Maggie Miller (CSH ’13) discussed the week’s reading with her classmates at Stateville Correctional Center in Crest Hill, Ill., as part of the first cohort of the Inside-Out Prison Exchange Program, a service-learning experience that pairs an equal number of college students with male inmates for classes on restorative justice (repairing harm as opposed to merely punishing offenders). Philosophy Instructor Dominica Kimberley Moe had assigned book one of Aristotle’s “Nicomachean Ethics,” and Miller, like many of her peers—both DePaul students and student inmates alike—struggled through the assignment, pausing every few minutes to take a break from the density of the prose. One tenacious Latino inmate even translated the text into Spanish using a dictionary, hoping to better understand it. “This was the most rigorous class I’ve taken because the guys set the bar so high,” Miller asserts. “I learned a lot more because of it.”
For 10 weeks, DePaul students attended classes at the prison, completed reading assignments, participated in class discussions and wrote reflective papers. “One group does not teach the other; rather, all students learn with each other,” says Moe. “Everyone involved is affected by the shared experience itself, and a connection develops that is grounded in collaboration and equality.” Moe has taught nine courses at Stateville since launching the program at DePaul in 2011.
“We all have strong views on those who are incarcerated, especially in a maximum-security prison,” explains Moe. “In the media, we’re bombarded with all kinds of horrific images of heinous crimes. What the students discover inside the prison are real people who have a lot in common with them. It’s transformative.”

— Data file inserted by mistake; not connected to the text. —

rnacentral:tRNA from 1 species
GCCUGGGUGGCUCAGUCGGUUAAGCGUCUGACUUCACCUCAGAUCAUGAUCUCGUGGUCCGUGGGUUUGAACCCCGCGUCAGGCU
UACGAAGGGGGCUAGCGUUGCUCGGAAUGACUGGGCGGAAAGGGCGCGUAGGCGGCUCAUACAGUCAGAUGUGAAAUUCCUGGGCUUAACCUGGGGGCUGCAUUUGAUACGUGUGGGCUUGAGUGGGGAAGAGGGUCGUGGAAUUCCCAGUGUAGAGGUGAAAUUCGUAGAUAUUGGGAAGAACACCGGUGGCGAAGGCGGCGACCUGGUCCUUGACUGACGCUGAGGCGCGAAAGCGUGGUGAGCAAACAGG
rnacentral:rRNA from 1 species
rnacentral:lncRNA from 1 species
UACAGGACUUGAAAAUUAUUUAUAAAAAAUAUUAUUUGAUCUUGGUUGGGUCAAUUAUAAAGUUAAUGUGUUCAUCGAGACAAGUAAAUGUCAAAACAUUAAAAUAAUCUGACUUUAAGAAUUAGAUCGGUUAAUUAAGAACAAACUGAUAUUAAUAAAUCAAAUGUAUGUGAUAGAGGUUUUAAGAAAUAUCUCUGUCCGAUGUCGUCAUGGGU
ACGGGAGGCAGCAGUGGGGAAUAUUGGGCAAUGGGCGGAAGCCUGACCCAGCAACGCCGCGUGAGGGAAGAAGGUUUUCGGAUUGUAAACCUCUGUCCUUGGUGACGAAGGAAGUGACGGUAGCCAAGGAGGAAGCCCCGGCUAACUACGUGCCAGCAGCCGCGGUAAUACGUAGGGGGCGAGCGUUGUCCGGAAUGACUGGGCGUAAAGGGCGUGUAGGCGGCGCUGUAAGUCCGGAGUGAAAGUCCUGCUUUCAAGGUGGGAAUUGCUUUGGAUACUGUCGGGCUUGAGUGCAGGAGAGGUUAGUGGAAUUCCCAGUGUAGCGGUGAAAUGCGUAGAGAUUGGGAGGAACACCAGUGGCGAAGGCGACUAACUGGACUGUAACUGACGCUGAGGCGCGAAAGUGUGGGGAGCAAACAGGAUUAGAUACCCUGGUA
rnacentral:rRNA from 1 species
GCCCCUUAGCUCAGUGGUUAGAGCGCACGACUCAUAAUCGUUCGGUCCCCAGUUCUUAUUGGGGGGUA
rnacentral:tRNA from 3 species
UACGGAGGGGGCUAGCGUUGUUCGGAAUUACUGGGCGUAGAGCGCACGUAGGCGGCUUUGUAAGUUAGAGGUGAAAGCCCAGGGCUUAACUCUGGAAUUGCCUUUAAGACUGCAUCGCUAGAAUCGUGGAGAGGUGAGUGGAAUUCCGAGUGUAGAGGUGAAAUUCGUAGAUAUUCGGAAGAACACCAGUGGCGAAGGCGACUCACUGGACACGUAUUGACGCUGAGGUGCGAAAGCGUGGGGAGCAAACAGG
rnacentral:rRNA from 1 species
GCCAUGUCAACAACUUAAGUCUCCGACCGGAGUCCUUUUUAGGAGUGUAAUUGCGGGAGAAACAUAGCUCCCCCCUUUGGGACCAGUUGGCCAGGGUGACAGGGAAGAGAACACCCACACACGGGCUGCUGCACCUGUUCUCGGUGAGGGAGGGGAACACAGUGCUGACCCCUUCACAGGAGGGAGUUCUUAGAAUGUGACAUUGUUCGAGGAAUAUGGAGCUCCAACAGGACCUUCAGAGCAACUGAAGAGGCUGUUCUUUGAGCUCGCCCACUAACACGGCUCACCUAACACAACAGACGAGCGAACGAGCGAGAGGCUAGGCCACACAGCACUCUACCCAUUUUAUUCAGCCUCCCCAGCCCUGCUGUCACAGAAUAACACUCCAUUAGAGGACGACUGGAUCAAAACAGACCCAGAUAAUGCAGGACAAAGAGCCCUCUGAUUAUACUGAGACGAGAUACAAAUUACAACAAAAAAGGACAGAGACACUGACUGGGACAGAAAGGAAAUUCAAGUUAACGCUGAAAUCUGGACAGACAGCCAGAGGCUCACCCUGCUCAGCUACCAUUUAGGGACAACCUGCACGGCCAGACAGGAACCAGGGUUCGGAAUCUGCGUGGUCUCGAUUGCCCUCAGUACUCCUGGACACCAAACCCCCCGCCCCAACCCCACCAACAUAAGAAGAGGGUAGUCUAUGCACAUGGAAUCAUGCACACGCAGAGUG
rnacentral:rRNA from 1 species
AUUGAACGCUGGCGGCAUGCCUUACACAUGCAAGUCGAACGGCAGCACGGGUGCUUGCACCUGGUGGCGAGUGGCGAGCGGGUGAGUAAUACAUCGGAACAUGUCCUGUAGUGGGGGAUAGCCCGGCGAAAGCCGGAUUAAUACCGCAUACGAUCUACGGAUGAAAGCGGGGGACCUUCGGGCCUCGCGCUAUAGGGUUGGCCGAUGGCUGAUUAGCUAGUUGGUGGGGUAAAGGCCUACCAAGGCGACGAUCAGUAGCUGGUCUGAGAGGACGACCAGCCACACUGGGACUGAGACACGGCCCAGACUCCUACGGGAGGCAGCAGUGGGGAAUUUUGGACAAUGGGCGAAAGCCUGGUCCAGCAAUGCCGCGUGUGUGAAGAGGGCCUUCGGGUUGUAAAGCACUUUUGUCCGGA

Moe holds think tanks every Thursday with former participants—both inside and out—to brainstorm ways to improve and expand offerings. The Inside-Out think tanks have produced two additional philosophy courses (Masculinity, Justice and Law and Law and the Political System), newsletters, a correspondence course and a letter-writing campaign titled “Why My Life Matters,” which was shown at Cortelyou Commons during the April 2015 visit of Sister Helen Prejean, C.S.J., (DHL ’00).
“I wanted [my class] to have this feeling of hope, not hopelessness,” says John Zeigler, director of the Egan Office of Urban Education and Community Partnerships at the Steans Center for Community-based Service Learning and faculty member who developed and taught the new masculinity course in spring 2015. “What do you look at in terms of changing not only your narrative, but also the narrative outside of the walls? How does your story translate in a way that can help to influence others? How do you begin to think about deconstructing systems that allow for these things to happen?”
Miller took those questions to heart. She was inspired by her classroom and think tank experiences in the Inside-Out program to enroll at the DePaul College of Law. “To hear what my inside classmates think it means to be somebody’s advocate within the legal system has been very valuable to me,” she says. “It helps keep me grounded. There’s a lot of good society could be doing that we’re choosing not to do, and a law degree gives me a platform to be able to do that. I would love to get to a point in my legal career where I can say [to my fellow legal advocates], ‘I’ve read the things you’ve read. I’ve studied the things you’ve studied. I know the things you know, but what we’re doing is wrong, and we need to fix it.'”